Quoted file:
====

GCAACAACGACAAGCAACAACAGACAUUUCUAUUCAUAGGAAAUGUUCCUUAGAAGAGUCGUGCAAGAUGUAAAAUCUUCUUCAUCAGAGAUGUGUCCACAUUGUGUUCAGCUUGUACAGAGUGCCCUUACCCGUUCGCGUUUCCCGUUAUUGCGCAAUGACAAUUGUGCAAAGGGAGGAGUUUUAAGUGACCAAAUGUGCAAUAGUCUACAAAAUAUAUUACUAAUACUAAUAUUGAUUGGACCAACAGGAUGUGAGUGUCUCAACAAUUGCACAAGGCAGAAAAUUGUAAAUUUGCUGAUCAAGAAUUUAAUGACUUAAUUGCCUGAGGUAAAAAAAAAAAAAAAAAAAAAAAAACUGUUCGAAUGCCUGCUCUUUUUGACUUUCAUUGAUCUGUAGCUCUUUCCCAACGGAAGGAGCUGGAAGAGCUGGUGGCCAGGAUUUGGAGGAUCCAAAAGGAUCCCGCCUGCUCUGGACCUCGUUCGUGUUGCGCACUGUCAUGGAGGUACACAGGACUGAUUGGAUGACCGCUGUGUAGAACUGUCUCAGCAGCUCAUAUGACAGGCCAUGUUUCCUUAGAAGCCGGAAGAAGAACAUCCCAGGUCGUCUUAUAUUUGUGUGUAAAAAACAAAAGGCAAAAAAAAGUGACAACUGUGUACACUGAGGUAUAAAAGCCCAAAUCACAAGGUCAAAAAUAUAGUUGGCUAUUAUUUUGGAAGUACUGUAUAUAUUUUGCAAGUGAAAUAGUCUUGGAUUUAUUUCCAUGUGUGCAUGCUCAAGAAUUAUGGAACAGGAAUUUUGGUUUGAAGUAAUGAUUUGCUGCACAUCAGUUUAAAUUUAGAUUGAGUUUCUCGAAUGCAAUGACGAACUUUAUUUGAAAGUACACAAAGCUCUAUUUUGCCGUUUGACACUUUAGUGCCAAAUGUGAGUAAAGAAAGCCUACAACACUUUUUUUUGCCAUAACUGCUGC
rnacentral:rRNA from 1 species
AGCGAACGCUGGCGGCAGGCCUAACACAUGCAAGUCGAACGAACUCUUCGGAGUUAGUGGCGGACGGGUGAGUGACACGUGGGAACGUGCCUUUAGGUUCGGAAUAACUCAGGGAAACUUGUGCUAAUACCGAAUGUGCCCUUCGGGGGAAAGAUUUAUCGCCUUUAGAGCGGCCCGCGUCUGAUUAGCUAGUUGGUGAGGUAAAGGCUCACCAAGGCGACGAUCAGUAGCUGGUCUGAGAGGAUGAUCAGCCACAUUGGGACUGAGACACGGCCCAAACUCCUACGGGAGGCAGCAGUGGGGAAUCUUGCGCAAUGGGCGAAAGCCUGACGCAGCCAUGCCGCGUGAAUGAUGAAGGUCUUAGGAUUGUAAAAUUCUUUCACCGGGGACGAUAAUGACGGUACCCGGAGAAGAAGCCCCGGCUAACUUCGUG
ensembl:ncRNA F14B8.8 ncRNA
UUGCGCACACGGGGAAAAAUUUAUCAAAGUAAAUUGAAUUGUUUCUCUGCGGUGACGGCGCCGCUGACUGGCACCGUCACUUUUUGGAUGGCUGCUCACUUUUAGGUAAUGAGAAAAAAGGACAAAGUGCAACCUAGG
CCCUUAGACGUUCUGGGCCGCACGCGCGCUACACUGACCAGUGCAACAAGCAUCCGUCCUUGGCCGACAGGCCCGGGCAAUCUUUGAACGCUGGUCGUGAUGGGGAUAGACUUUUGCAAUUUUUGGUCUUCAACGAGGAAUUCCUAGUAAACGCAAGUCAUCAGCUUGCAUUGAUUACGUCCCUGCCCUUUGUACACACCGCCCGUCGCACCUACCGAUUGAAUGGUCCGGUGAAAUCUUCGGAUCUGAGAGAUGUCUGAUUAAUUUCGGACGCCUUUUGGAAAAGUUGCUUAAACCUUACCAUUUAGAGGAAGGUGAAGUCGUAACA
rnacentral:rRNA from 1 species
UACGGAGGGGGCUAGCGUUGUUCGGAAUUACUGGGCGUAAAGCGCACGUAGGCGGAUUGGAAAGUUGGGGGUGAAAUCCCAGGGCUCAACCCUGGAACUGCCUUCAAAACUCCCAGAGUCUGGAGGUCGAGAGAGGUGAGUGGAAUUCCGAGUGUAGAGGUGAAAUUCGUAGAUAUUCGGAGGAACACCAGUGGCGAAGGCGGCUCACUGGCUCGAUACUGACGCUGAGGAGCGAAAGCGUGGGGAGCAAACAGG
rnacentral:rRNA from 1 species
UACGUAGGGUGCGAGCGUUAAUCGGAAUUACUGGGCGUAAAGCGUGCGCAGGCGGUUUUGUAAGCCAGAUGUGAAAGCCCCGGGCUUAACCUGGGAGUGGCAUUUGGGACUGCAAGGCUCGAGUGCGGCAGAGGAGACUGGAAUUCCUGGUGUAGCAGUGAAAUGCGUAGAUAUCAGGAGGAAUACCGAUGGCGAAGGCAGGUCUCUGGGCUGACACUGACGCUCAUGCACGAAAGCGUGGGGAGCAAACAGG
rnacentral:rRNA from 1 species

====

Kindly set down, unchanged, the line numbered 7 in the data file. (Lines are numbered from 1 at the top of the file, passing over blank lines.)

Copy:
rnacentral:rRNA from 1 species